Based on a book by the punk author Jon Savage, Teenage is an often fascinating but equally frustrating historic collage showing the evolution of the teenager as a movement and period in one’s life.
Filmmaker Matt Wolf meticulously traces the history of youth culture in America, England and Germany, for the past 100 years or so until the term teenager acquired the meaning it has today.
The thesis is that teenagers did not always exist: you went from being a child straight to work like an adult.
Wolf creates a photo and film montage of everything from the boy scouts and Wandervogel, to the Boxcar Children, the liberation offered by the Jitterbug, the rebellion of the Victory Girls, Hitler’s Youth Movement, Flappers, Swing Kids and Sub-Debs to the screaming followers of Frank Sinatra.
Savage and Wolf contend that by the end of World War II, the distinct group of adolescents and young adults, the teenager, could no longer be ignored.
The footage and diaries are fascinating but in sailing through the decades and across countries so rapidly, Wolf leaves us little time to contemplate what the various youth movements said about young people and their interaction with adults.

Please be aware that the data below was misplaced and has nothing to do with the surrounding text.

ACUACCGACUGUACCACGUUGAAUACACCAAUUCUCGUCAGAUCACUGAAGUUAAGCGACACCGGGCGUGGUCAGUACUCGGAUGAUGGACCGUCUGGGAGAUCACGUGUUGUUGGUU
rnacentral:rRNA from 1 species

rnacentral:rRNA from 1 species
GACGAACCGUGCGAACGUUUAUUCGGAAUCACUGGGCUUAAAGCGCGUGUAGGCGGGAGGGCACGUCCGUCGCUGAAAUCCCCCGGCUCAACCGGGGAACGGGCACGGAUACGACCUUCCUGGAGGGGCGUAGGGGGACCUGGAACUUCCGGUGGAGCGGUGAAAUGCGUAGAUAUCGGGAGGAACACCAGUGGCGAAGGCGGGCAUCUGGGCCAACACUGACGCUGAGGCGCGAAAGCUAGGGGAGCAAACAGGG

Surely the Hitler’s Youth Movement and English boys lying about their age to enlist show the influence of adults, while the Jitterbug and Swing Kids heralded a rebellion through dance that seems to have excluded adults.
The inclusion of films like Rebel without a Cause might not have been amiss while discussing the influence of America after WWII.
The confusion arises because Wolf not only skips among the three countries, but mixes rare archival footage and excerpts from real diaries with ‘filmed portraits’ of selected historic teenagers.
Excerpts from diaries are read by four actors, including the celebrated Shakespearean and film actor Ben Whishaw (Skyfall, Perfume) but you might find yourself wondering whether other narration that has been written for the film.
The result is that we can’t always figure out what is fiction and what is non-fiction. Ironically, given the background of Jon Savage and the film’s title, the film will be of more interest to older audiences, both for this cross-sectional view of their lives and the rare archival footage.
by Joyce Glasser – Mature Times film reviewer